The Commission continues to work with the Salem Public Library Foundation relating to the artworks from the City’s Collection that are featured in the Salem Public Library.  As the Library seismic and safety upgrade project develops, the Commission will work with the Library Foundation to store and re-hang works on display in the Library when the work is complete. 


Caring for the Collection

                     Salem Peace Mosaic.  On July 30, 2018, the City of Salem issued a request for proposals for the possible relocation of the Salem Peace Mosaic.  The Salem Peace Mosaic, a 60 foot long tile and glass mosaic on the exterior façade of the YMCA building, was completed in 2011 as a community-building art project.  The project cost $15,000 to construct with approximately $17,000 in in-kind donations and services.  Earlier this year, the Salem YMCA announced its plans for a new building on the site. The Salem Public Art Commission is investigating the costs of preserving, protecting and relocation the mural, which is considered to be part of the public art collection.


In mid-June, the Commission received detailed analyses and a recommended approach to preserving and protecting the mural while the building around it is demolished for the new Salem YMCA building.  The City’s art conservator of record, ARG, prepared the recommended approach in consultation with the YMCA, the new building’s architect and the Salem Peace Mosaic artist.  Preserving and protecting the mural may cost between $350,000 and $450,000.  In building their estimate, the ARG team consulted with specialized contractors who were willing to do the work, including structural engineers and other professionals on their staff. Coordination with the demolition contractor is required - for the selective demolition - and a specialized contractor would be brought in to physically move the piece. No funding has been identified to cover this cost.


                     Eco Earth Globe.  The Eco Earth Globe is located in Riverfront Park, at the foot of the Peter Courtney Minto Island Bridge.  Completed in 2003, the Globe features 200 iconic ceramic tiles contributed by local artists interspersed among 86,000 factory tiles to represent the earth.  In 2017, the Salem Public Art Commission hired an art conservator to document the work and recommend an approach to restoring and preserving the mosaic.  Since that time, it has become evident that water has penetrated all layers of the structure, including the tile, mortar, membrane covering a tar and asbestos layer, and the tar layer itself.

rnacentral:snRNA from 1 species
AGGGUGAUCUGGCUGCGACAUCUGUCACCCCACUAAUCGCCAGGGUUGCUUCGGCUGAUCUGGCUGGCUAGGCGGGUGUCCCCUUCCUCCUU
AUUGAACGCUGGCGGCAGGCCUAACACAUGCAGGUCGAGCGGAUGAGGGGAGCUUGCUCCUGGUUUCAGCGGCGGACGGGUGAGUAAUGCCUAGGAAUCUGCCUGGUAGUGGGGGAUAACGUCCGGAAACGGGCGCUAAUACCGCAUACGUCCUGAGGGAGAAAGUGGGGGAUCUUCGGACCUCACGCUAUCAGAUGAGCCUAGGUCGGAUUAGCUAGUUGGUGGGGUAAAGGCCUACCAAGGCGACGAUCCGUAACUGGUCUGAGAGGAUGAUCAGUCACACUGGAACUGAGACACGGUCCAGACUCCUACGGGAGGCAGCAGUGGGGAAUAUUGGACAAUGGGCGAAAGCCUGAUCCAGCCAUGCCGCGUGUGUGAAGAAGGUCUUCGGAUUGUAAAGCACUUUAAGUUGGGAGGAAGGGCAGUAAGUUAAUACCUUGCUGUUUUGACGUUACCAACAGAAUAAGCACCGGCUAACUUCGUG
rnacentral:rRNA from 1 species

To develop an appropriate cost estimate, the City has engaged the help of a local abatement specialist and a professional masonry firm and has consulted with the artist director from the original project.  Current estimates suggest the restoration project would cost between $500,000 and $600,000.  The volunteer artist director is beginning to work with artists who contributed original work to replace those tiles damaged due to the freeze and thaw occurring underneath the tile layer. 


Funding has not been identified to do this work.  It may become necessary to provide a protective cover for the tile mosaic during the winter months.  Should funding be identified, all the tiles, mortar, membrane and tar layer would be removed from the Globe.  After the Globe is cleaned, the City would work to reinstall the mosaic, with the volunteer artistic director and volunteers to layout the work, through a contract with a local mason to reinstall the work.    


                     Courtney Knox Busch    

                     Strategic Initiatives Manager    



1. Mel Katz, The Receptacle

2. Lillian Pitt, Mikel and Saralyn Hilde, Good Cents

3. Good Cents location